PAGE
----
• Cynics Need Not Apply


    This is an urban fairy tale. If you go to AUGUST RUSH with the intention of poking holes in it, you can find little glitches and logic flaws. On the other hand, if you are looking for a movie that will sing to your soul (and show you some beautiful eye candy as a bonus), look no farther. The casting director and cinematographer should each get an award. This gem of a movie takes us on a journey, and the people we meet along the way are well worth the ticket price. A trio of beautiful performances form the heart of this film, although the secondary characters are also crisply compelling. A day after seeing it, I find that specific shots of their faces still glow in mind like pieces of a mosaic. And the music is a genuine addition, as it should be in a film of this kind. I was genuinely moved.

  • If you don't have a great imagination, you won't like it


    If you love it, you'll LOVE it. If not, then the most you'll probably give it is an 'ok'. The movie requires the audience to have a somewhat willful suspension of reality as there are some slightly mystic themes interwoven in the storyline. But as the movie is basically centered on the power of music, the mystic elements make sense. It's completely about belief and faith in the intangible. Personally, I loved the story. And the music was amazing. I had goosebumps throughout the entire movie. In fact, there was probably so much emphasis on the music that there was less character development than a lot of people would like. I liked this element of the movie, though, as it requires you to read between the lines. Not even the ending is handed to you nicely wrapped and on a platter. There's no wrap-up dialogue or epilogue sequence, just the audience's own inferences. Hence, if you don't have an imagination, you should stay home.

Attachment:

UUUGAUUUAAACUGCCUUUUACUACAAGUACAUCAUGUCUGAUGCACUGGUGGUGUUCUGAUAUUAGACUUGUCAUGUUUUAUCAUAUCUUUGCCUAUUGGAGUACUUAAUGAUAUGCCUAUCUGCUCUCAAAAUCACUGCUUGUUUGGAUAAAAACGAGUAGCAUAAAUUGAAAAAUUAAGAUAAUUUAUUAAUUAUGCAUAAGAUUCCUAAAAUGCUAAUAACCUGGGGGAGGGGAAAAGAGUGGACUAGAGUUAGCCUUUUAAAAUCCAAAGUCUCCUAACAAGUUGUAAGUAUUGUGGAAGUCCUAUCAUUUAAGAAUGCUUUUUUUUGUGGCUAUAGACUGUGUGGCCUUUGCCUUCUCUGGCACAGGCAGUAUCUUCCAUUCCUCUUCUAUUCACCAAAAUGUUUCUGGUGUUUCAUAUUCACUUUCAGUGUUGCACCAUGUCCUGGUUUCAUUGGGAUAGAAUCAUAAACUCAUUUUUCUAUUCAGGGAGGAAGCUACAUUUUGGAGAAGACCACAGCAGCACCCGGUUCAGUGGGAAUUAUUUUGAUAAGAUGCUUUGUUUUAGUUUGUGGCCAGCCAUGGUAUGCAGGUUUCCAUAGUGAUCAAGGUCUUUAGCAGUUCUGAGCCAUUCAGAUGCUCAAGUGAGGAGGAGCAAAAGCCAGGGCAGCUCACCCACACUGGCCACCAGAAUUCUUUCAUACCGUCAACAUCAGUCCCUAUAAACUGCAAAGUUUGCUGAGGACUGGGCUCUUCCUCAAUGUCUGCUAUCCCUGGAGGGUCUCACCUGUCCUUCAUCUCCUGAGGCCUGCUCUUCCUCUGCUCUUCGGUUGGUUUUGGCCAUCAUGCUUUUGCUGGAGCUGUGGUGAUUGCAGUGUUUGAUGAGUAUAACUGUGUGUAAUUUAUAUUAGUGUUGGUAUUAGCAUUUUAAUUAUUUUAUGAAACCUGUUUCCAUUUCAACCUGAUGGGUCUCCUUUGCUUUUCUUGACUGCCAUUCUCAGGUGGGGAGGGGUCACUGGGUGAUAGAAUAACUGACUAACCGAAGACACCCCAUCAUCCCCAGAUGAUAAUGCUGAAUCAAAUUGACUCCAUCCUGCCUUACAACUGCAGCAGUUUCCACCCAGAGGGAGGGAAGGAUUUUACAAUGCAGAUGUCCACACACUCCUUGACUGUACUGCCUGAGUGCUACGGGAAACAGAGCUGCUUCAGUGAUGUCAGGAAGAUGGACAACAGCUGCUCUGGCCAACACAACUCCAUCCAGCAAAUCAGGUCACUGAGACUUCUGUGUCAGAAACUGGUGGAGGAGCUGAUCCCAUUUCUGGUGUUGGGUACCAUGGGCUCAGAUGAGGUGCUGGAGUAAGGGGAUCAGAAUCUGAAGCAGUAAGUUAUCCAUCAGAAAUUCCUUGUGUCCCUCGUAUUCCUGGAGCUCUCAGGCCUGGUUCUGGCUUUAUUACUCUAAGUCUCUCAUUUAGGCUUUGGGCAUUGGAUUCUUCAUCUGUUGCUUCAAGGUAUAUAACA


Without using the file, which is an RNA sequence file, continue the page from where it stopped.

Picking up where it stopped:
• Wonderfully Moving Film!


    "August Rush" is sort of a feel good, modern day fairy tale involving a parent/child separation and a boy's unrelenting search to be reunited with his parents. But the primary theme is Music as a healing force in the Universe that draws us all together. The film stars Freddie Highmore, as the orphaned musical prodigy; Keri Russell, as the sheltered cellist from Juliard; Jonathan Rhys Meyers, as the Irish singer/songwriter/guitarist; Robin Williams as Wizard, the street performer who takes August under his wing; and Terrence Howard as the social worker who works with the orphan boy and his mother. The acting was superb. There's not much dialogue in this movie. So the majority of the story is told through the emotional expressions of the actors and via the music. Although, Robin Williams does have a great monologue where he talks about Music being the tie that binds all of us together. Freddie Highmore (Charlie and the Chocolate Factory) is the cream of the crop as far as child actors go. He amazed me in this film. I can't wait to see more from him. "August Rush" was perfectly directed and co-written by Kristen Sheridan (In Amercia). It is so wonderful to see a work like this from a female film maker for a change. Beautiful cinematography! The opening scene in the wheat field is just breathtaking. The score is fabulous. Let's face it, in a movie like this, you've got to have great music to pull it off. There are some exceptional musical performances, especially from relative newcomers, Jamia Simone Nash who sings up a storm and Leon Thomas who croons and plays guitar. But the most impressive thing about this movie is that all of the actors really played these instruments themselves. Meyers did his own singing as well. Highmore plays the guitar in an unusual slap-harmonics style that reminded me of Michael Hedges. I enjoyed "August Rush" so much. I haven't been moved to tears like this by a film in a long time. The story was very inspiring and the boy's unyielding faith and will to never give up on his dream to find his family really hit me. Kudos to the writers and director for ending the film the way they did. Instead of a sappy reunion scene that would've ruined the tone of the movie, they ended it beautifully with the crescendo of the music and just the close-up on August as he sees his parents standing there for the first time. Add August Rush to your must see list for the holidays. It is well worth the price of a ticket on to see it on the big screen.